A Conversation with Incoming CAES Dean Nick T. Place

Southscapes sat down with newly appointed CAES Dean and Director Nick Place to discuss his impending arrival in January, his plans for his first months at CAES, and his vision for the future of the college and the outlook for agriculture.

Southscapes: What opportunities do you see for the future of agriculture in Georgia and around the world?

Place: Technology is the big one for sure. This is something that has national opportunities — as well as a lot of opportunities in Georgia — to advance what we are doing in precision agriculture and what we can do to connect to the nexus of food safety, agriculture and medicine. Food is medicine and I want to see the work being done at UGA to continue. We need to work on the connections between food and the environment and agriculture and be at the forefront of creating sustainable practices. There are tremendous opportunities in all of those areas to advance what we do in the College of Agricultural and Environmental Sciences.

Southscapes: How will you define your priorities to help the college prepare for the future?

One of the main questions I heard while I was interviewing for the position was, “What will you do in your first 100 days if you’re named dean?” I plan to spend my first few months getting to know the people, programs and facilities that are available to us.

I’d like to spend quite a bit of time listening and hearing from people. I want to know what the people of CAES see as opportunities and figure out how we best move forward to take advantage of them. There is tremendous value in that and, based on what I hear from faculty, staff and stakeholders, we will devise a strategic plan for the college. My goal is, about a year from now, to have a strategic plan laid out that will ensure that the college is regarded as a national leader among colleges of agriculture.

Southscapes: As agriculture has evolved in the U.S., small producers have faced increasing challenges staying viable. How can CAES help those producers while contributing to best practices in traditional agriculture?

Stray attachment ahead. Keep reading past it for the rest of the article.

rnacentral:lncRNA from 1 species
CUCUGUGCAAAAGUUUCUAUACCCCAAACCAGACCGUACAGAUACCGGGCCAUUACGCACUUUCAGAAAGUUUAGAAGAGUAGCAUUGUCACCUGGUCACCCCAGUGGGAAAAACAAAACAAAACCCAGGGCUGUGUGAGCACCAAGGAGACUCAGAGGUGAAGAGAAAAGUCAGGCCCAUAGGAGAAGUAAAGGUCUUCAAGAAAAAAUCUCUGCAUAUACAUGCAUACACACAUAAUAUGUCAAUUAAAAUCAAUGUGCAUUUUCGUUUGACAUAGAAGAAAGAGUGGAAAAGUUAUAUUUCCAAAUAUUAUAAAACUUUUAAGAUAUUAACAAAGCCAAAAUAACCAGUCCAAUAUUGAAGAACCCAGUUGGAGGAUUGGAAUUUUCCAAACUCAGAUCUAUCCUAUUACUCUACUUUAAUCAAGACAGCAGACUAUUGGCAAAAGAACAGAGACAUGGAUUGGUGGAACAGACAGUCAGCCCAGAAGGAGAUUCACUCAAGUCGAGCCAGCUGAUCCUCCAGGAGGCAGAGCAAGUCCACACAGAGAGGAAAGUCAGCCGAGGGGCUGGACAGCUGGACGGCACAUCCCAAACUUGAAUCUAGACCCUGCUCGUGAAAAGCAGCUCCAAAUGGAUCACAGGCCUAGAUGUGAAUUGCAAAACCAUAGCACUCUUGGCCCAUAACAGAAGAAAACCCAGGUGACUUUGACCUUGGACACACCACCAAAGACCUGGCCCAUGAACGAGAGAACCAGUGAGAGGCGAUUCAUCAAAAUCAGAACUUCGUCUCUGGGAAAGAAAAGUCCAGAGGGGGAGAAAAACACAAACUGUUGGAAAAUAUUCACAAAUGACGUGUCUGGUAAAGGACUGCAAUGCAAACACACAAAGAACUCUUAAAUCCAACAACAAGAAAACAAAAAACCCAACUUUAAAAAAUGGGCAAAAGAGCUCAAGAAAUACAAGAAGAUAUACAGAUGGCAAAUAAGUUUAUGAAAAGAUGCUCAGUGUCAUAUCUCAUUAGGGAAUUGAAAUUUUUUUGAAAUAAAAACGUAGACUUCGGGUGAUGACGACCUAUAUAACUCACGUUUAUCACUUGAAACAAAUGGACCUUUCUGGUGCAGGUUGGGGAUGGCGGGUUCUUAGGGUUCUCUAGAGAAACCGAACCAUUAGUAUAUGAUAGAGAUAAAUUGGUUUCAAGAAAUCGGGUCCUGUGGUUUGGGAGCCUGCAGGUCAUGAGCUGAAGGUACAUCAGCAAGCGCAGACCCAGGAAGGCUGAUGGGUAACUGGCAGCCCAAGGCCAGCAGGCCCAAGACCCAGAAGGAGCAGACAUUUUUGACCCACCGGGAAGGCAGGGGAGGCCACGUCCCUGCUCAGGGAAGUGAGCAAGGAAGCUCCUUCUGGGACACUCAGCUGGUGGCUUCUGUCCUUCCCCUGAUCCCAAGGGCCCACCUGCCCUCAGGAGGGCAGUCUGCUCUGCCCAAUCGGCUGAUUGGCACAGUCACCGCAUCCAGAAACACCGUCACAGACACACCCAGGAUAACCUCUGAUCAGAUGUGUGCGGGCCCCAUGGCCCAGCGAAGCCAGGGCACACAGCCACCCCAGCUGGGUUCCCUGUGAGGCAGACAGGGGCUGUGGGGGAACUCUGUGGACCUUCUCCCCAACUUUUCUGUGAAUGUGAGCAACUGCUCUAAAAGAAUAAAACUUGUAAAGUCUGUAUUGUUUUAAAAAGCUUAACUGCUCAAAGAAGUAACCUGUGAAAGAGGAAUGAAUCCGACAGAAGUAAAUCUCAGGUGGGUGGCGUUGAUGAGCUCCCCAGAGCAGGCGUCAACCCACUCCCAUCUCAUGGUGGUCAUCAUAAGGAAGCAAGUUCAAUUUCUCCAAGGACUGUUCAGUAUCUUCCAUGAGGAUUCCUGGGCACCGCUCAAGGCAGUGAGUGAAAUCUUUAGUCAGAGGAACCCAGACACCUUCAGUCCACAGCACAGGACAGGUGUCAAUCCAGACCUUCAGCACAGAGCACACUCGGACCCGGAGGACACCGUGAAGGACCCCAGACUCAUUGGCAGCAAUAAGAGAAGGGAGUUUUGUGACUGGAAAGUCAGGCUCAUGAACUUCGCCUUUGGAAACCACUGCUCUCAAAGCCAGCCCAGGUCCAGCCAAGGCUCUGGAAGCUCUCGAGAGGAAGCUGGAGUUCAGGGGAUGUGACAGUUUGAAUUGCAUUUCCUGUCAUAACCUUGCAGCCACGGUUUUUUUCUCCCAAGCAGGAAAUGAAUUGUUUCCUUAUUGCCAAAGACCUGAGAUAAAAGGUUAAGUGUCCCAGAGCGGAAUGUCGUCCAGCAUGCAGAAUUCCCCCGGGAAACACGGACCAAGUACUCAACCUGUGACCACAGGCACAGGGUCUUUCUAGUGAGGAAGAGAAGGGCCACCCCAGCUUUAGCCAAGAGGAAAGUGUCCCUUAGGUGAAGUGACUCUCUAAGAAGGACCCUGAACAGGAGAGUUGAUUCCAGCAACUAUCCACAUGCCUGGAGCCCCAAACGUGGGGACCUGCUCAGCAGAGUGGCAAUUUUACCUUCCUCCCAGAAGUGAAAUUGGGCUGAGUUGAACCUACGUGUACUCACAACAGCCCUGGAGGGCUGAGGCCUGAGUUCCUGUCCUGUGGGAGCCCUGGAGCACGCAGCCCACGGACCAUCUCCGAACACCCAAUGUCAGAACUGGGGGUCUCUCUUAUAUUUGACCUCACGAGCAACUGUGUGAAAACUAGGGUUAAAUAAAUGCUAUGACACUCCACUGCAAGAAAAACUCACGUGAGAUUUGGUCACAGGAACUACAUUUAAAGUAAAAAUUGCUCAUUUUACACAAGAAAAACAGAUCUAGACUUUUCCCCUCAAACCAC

Growing up on a small dairy farm, I have the perspective of being a small producer and I still have connections to those producers, but we need to be able to connect and work with all producers — large, small and those in-between. There is a place for everyone and a need for all types of producers.

There are opportunities for small producers to connect directly with consumers through Consumer Supported Agriculture (CSAs) and direct marketing, such as the Agricultural Products Connection program that UGA Cooperative Extension and the U.S. Department of Agriculture’s Georgia Grown created over the summer to enable smaller producers to connect directly with consumers. There are tremendous opportunities for the college to take advantage of programs like that — working with producers to understand the various economic aspects of that industry, offering business planning through Extension, and examining production practices to make sure they are effective and sustainable. It is our role to work with small and large producers to make sure they are using best management practices in an effort to improve the agriculture industry overall.

Southscapes: How do you feel the COVID-19 crisis has highlighted the weaknesses in our country’s food chain and how do you think that will influence agricultural research going forward?

The COVID-19 situation has shed light on issues and opportunities that we face as an industry. As a result, people are more cognizant of our local and national food system and where their food comes from. This presents the opportunity to be more intentional about making people understand how we get food from farms to the market. That doesn’t occur by happenstance. There is a lot of effort and work that goes into it, and we have an obligation to help the public understand what it takes. We also can use this as an avenue to recruit more young people into agricultural science who can come in and work on things like breeding the next important crops, food safety, and food processing and handling. We need incredible minds, scientists and leaders to move our food system into the future.